Tehrangeles

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Iranian shops along Westwood Boulevard in South Westwood. Westwood is also known as "Little Persia".

Tehrangeles (Persian: تهرانجلس‎), also known as Little Persia, is a portmanteau deriving from the combination of Tehran, the capital of Iran, and Los Angeles. It is used when referring to the large number (estimates range from 300,000 to 1,000,000) of Iranian-Americans and their descendants residing in the Los Angeles metropolitan area after the 1979 Revolution left many families displaced; it is the largest such population outside Iran.[1][2][3][4] The intersection of Westwood Boulevard and Wilkins Avenue is now officially recognized by the City of Los Angeles as Persian Square.[5]

Origin[edit]

Persian businesses in the L.A. area originally centered in the Westwood neighborhood of the Westside. Iranian-owned businesses are particularly prevalent on Westwood Boulevard between Wilshire Boulevard (in Westwood) to Pico Boulevard (in West L.A.). Often referred to as Persian Hills/Persian Square, it is between Beverly Hills and West Los Angeles. Immigration to the area increased several-fold due to the events surrounding the 1979 Revolution in Iran. Westwood Boulevard became known for its many Persian shops and restaurants; and the Iranian expatriate community of Los Angeles entered all forms of media including magazines, newspapers, radio, and television stations.

Westwood skyline.

Distribution[edit]

As the population has grown, Iranians and their American-born children count as home neighborhoods throughout Los Angeles, which includes Tarzana, Woodland Hills, Encino, and Beverly Hills, as well as the city of Irvine and elsewhere in Orange County[6]. They have also made their homes in San Diego and the Palm Springs area of the Coachella Valley.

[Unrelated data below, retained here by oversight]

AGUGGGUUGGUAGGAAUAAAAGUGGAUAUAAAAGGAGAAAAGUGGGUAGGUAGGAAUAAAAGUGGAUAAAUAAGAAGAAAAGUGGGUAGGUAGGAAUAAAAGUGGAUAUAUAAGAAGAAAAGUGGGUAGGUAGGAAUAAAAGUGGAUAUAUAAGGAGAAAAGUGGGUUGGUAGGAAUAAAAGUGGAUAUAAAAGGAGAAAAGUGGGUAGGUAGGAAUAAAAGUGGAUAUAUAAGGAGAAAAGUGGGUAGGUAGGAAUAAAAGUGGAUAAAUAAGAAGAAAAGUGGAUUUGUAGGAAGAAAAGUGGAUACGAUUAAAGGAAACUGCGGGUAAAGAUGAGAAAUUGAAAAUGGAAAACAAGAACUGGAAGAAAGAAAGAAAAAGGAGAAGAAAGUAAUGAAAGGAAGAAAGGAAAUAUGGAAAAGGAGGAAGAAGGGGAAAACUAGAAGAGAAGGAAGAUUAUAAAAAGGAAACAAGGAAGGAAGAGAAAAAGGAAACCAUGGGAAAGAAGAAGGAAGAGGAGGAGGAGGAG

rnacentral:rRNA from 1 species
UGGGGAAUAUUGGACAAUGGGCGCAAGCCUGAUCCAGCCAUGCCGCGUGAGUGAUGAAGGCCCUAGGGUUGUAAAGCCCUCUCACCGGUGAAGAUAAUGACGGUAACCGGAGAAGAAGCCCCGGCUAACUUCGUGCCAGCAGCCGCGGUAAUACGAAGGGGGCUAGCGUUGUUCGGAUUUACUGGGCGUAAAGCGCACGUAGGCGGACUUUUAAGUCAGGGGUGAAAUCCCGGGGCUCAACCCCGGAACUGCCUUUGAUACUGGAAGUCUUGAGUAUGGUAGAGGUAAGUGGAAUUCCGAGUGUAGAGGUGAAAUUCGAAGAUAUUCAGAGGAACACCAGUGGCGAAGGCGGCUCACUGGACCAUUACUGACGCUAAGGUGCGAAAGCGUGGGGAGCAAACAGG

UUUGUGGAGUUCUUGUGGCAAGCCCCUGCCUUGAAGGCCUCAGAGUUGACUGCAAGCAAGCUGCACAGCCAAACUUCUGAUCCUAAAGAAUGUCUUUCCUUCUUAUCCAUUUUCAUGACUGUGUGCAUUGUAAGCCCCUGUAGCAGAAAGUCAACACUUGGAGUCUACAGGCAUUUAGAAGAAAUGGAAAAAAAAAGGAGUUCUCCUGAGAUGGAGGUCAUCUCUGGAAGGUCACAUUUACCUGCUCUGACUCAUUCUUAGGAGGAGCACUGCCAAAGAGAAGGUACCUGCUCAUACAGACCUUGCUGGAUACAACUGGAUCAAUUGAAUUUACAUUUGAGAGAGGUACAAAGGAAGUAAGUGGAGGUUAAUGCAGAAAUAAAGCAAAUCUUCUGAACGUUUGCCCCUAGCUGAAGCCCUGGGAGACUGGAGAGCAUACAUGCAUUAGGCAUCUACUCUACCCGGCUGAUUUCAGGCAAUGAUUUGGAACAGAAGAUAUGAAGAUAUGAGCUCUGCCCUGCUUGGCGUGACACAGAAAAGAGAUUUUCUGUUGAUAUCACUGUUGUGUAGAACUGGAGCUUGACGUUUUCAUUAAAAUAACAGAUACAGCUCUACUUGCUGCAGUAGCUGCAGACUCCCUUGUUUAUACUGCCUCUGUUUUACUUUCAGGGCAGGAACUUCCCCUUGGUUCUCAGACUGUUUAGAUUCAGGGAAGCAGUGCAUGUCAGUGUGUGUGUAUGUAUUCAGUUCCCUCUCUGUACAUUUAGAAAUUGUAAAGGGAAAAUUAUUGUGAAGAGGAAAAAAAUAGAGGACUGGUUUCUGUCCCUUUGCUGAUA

See also[edit]

References[edit]

  1. ^ MacFarquhar, Neil (May 9, 2006). "Exiles in 'Tehrangeles' Are Split on Iran". The New York Times. Retrieved June 15, 2009. 
  2. ^ Montagne, Renée (June 8, 2006). "Living in Tehrangeles: L.A.'s Persian Community". Morning Edition. NPR. Retrieved June 15, 2009. 
  3. ^ Anderson, Kurt (March 13, 2009). "Mamak Khadem gives a tour of Tehrangeles". Studio 360. NPR. Archived from the original on June 18, 2009. Retrieved June 15, 2009. 
  4. ^ Dickerman, Sara (June 7, 2009). "Persian Cooking Finds a Home in Los Angeles". The New York Times. Retrieved June 15, 2009. 
  5. ^ Koretz, Paul (February 26, 2010). "Persian Square approved for Los Angeles, thanks to Paul Koretz motion" (PDF) (Press release). Los Angeles: The Office of Council Member Paul Koretz, Fifth District. Retrieved January 11, 2015. [permanent dead link]
  6. ^ Auyoung, Derrick. "Eastern Indo-European, Semitic, Near Eastern Altaic languages [of Los Angeles]". Project LANGUAGES OF LOS ANGELES. MAPS. UCLA College [of] Humanities. Archived from the original on 27 Dec 2010. based on "The Ethnic Quilt. Population Density in Southern California" by James P.Allen and Eugen Turner. Northridge: California State University, 1997 

External links[edit]

Coordinates: 34°03′21″N 118°25′54″W / 34.05583°N 118.43167°W / 34.05583; -118.43167